Lavish is the word that best describes this Flight Worcester plate. It’s from the ‘Hope’ service, ordered in 1789 by William Henry, the Duke of Clarence, who was the third son of King George III and eventual inheritor of the British throne at the age of 64 after both brothers died without heirs.
The subject was chosen by him, and reflects his military career. Each piece has a different rendition of ‘Hope’ with her anchor, with a ship in the background. He had joined the Royal Navy in his youth, serving in North America and the Caribbean under Nelson. Nicknamed the ‘Sailor King’ when he came to the throne, it is little wonder he chose this nautical theme for his service.
Securing the service commission was a major event for the ailing Worcester factory, which had been purchased by John Flight in 1783. It was William’s second commission from the factory, the first being the ‘St Andrew’ service, celebrating his achievement of the Order of St Andrew, earlier in 1789.
John Flight recorded in his diary in January 1790:
‘We used our two best painters last week to make some very fine designs for the Duke of Clarence, we have already completed 3 plates and I have sent them to London. One is a gold arabesque design, another the figure of Hope, the other of Patience.’
A few days later on 24th January John Flight added:
‘Apart from the two plates mentioned… we have made two others with figures, Peace and Plenty. H.R.H. Duke of Clarence has decided on the Hope design with the decoration that we put on the Peace plate, he has ordered a table service that will amount to more than £700 sterling. He has given us a year in which to complete it…’
It is interesting to track down some original tabloid gossip from the period:
This news article intended to impress, inflating the price and the number of pieces. The comment about it being ‘particularly appropriate to the nautical profession of the royal proprietor …’ is interesting, as William was indeed a Navy officer. His father George III had determined he should join the Royal Navy, and so he entered the navy at 13 as a midshipman. He saw active service in the War of American Independence (targeted in a kidnap plot by an agent of George Washington in New York, 1782!), and became a friend of Nelson. He was placed on the Warwick under Captain George Keith Elphinstone, and spent time in the Caribbean. In 1789 he returned to England, where his father the King’s health was failing, but although he received promotions to rear-admiral, vice-admiral, and in 1799 admiral, the navy refused his pleas for a return to active service. When he gained the throne in 1830, he was affectionately known as ‘The Sailor King’.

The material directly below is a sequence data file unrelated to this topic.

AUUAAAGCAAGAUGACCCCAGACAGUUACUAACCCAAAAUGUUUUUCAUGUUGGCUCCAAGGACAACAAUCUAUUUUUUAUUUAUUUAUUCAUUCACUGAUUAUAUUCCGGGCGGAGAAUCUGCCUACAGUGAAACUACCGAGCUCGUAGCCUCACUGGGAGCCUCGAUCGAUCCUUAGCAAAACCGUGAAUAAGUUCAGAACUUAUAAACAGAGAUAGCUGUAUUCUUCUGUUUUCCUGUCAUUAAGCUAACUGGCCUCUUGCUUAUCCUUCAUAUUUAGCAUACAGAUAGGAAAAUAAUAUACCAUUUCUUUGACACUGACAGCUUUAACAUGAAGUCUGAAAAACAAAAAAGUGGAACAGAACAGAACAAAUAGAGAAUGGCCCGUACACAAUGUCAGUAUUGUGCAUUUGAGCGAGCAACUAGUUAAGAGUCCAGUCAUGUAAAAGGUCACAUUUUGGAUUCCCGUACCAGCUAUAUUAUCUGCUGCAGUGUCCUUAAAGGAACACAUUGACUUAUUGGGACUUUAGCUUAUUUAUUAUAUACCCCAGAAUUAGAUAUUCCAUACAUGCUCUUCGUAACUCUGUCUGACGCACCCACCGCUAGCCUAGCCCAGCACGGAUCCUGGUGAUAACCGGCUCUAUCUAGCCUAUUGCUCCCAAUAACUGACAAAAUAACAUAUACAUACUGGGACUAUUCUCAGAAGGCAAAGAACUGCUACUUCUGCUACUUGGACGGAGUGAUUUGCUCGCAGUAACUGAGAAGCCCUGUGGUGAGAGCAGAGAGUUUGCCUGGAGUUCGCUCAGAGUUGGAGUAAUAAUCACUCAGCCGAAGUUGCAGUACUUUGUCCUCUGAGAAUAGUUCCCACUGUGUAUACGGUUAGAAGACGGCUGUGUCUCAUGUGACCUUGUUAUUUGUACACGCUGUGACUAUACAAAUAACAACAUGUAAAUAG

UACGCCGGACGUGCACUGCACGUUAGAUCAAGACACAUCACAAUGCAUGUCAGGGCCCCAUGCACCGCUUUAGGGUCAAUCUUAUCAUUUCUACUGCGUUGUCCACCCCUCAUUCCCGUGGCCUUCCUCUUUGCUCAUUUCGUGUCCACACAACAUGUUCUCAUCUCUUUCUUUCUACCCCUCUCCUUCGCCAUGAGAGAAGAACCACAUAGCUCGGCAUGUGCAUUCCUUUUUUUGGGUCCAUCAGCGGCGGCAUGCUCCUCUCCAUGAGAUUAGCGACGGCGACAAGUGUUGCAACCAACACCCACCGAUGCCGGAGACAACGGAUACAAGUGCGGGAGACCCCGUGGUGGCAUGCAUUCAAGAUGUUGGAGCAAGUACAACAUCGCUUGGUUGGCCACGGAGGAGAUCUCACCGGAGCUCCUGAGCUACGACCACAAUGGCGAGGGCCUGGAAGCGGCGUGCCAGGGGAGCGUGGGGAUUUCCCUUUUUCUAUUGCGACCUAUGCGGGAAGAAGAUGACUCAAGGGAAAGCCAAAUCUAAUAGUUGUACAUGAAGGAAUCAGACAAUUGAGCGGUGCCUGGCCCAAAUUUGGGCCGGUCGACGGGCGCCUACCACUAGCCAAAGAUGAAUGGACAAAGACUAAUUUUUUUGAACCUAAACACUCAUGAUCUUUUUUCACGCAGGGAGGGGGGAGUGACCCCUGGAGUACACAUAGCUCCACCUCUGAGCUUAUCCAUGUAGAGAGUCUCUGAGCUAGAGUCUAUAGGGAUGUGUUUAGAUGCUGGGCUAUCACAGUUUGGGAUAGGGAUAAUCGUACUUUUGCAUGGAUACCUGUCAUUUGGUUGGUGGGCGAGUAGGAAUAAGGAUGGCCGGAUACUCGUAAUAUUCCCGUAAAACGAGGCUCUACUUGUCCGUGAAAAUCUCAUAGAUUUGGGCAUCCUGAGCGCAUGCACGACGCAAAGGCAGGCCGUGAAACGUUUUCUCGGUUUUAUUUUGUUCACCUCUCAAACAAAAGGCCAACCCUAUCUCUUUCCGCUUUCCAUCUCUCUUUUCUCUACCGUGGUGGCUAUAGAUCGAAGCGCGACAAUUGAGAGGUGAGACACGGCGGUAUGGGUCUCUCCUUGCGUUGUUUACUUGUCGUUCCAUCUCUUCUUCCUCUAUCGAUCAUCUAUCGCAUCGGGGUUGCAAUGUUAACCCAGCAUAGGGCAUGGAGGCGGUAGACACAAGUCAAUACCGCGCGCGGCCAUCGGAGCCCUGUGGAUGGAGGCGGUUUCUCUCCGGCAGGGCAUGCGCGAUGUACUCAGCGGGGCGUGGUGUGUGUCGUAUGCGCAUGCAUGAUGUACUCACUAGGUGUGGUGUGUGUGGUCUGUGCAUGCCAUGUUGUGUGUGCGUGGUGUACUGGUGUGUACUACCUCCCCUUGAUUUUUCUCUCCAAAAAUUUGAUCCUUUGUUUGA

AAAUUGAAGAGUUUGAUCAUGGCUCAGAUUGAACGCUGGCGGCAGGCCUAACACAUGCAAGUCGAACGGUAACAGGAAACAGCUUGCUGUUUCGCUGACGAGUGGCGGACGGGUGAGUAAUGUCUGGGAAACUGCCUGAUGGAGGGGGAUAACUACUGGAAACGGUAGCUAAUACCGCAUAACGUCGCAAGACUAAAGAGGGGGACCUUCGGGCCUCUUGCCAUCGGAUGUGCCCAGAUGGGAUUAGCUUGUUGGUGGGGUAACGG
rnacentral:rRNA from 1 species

Another news article, in the ‘Derby Mercury’ in 1791, quotes the same inflated price – 800 Guineas (more than the £700 Flight recorded in his journal) – but gets the number of pieces right at 296. The story related of his ‘Blue-blooded Britishness’ is fantastic – if it happened. He was offered a set of ‘Avignon China’ (French porcelain of some type) he refused, saying while OTHERS may be happy with foreign products, he wouldn’t even accept a piece of furniture that wasn’t British!
The back of this plate has a large pasted label, which declares the following:
Hope Service Label
Specimen of the Celebrated Service of Old Worcester
Porcelain, made and presented to Lord Nelson by the
Nation, bequeathed by him to King William the Fourth
who gave it to his son Lord Frederick Fitzclarence
and in whose Will the full particulars are given –
It passed by marriage to the Earl of Erol and was
his up to May 1893 when it was dispersed at Christies
and realised nearly the sum of £2000.
This is of course different to what has been described at the top of this page, and is a fascinating example of mis-information. This old label provides us with the source of this mis-information, the Christies auction which dispersed the service in 1893. They of course got their information from the Earl of Erol, who had inherited it from his father, the illegitimate son of William IV, Fitzclarence. It was in this will that ‘the particulars’ were given, and so the confusion appears to have arisen right back then, just the next generation from when it was a wonderful new service that impressed the nation.
These days, there are pieces in major collections all over the world; the V&A has a fine example comparable with this one , as is another in the British Museum. We also have no less than a trio of them ‘across the road’ in Geelong, in the Geelong Art Gallery collection.
We are pleased to have a magnificent example as part of our 2016 Catalogue, and as a key piece in our Exhibition which opens on June 18th.
It’s a particularly nice example, being the one John Sandon illustrated in his 1993 book ” The Dictionary of Worcester Porcelain: 1751-1851 “